Emerald Ash Borer continues its advance into Kansas City
Ash tree leaves
Ever since 2002, when the Emerald Ash Borer (EAB), imported from China, was first detected in Michigan, just about everyone in the field of horticulture and forestry have been on alert. This insect quickly spread across the country, and now 20 states have been certified EAB infested.
Missouri joined this list in 2008 when the insect was detected in the Bootheel area of the state. By 2012, the pest had made its way to Kansas City, with populations found in the Parkville area and at Wyandotte County Lake. This week brought news that Johnson County is no longer EAB free.
Ash is an important tree species in our area. It can be found in the local woodlands and in countless front and back yards across the metro. Some estimate that there could be as many as a million ash trees in the area. Here in Johnson County some estimate that as many as 25 percent of the landscape trees in neighborhoods could be ash.
Now that we have the pest, our challenge is to learn how to cope with it. The first step is to learn a little more about the insects’ habits and method of spread. The following are some tips to help you better understand this pest.
Make sure the tree in question is an ash tree. a. If you are certain the tree is an ash, white or green ash, continue reading. b. Uncertain of the species? Contact your local Extension for identification either by bringing a sample to the office or e-mailing photos of the tree.
Symptoms of EAB to look for a. Twig dieback in the canopy or other branches of the tree. b. Sucker growth from the main trunk or around the base of the tree. c. Borer exit holes. EAB borer holes are very difficult to see. These holes are usually not seen unless you are a trained spotter or the bark is peeled away. If you can easily see the holes it is unlikely to be EAB. There are many types of borers including the very common native borers which have always been present. - Borer hole size for native borers – about the diameter of a #2 school pencil and round in shape.
Borer hole size for EAB – about the diameter of the lead in the pencil and “D”- shaped, not round. d. Presence of adult insects. Adult EAB beetles are small, metallic green and 1/8 to 1/4 inch and narrow, about the diameter of a flat toothpick. They are very difficult to see.
Should you treat for EAB? a. Only highly valued trees in excellent condition should be considered for treatment.
b. Trees with defects such as decay, poor branching or in decline should not be treated. c. Treatment should be considered a lifetime investment. Depending on the method of treatment, you must treat every year or two.
What are the methods of treatments? a. Trunk spraying—done every year and applied in the spring prior to the emergence of the adults from mid-May through early August. Only recommended for commercial applicators. b. Soil drench—a yearly application done by either homeowners or commercial applicators. The product is applied either in spring or fall depending on the product. c. Trunk injections—applied every two years by a commercial applicator, normally done in early spring to early summer. This is the preferred method of treatment supported by the most research. d. For complete information about control options visit: http://extension.entm.purdue.edu/EAB/PDF/EABInsecticideProduct_Guides.pdf EAB Treatment Options.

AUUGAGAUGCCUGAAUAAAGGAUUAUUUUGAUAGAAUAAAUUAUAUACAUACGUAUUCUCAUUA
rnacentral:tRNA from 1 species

Can a homeowner apply the treatments themselves? a. There are products on the market for homeowners that are a soil drench. b. Must be applied yearly. c. Only recommended for trees under 20 inches in trunk diameter, some research suggests up to 16 inches in diameter. d. For complete information about control options visit: http://extension.entm.purdue.edu/EAB/PDF/EABInsecticideProduct_Guides.pdf EAB Treatment Options.
Should we start treating our trees? a. Nothing needs to be done immediately. For most highly-valued trees that are showing no signs of EAB (which at this time will be almost all) no action is required in the summer of 2013. Do your research, get quotes and make sound decisions based on science not on impulse. b. Treatment will be a personal decision based on your judgment of the tree’s value, treatment cost and tree replacement cost. c. Remember only highly-valued trees in good or excellent condition should be considered for treatment.
I hope this information will provide you with a little better understanding of the issues. Let me close by restating, don’t panic. No healthy trees should be removed because of this news. There is time to do your research and get the facts. There are treatment options for excellent healthy trees that will protect them. But, unfortunately, there are a few unscrupulous firms that will prey on your fears and be all too glad to take your money. Don’t let that happen to you. Contact our Gardening Hotline at firstname.lastname@example.org or call 913-715-7050 if you have questions. We’re here to help.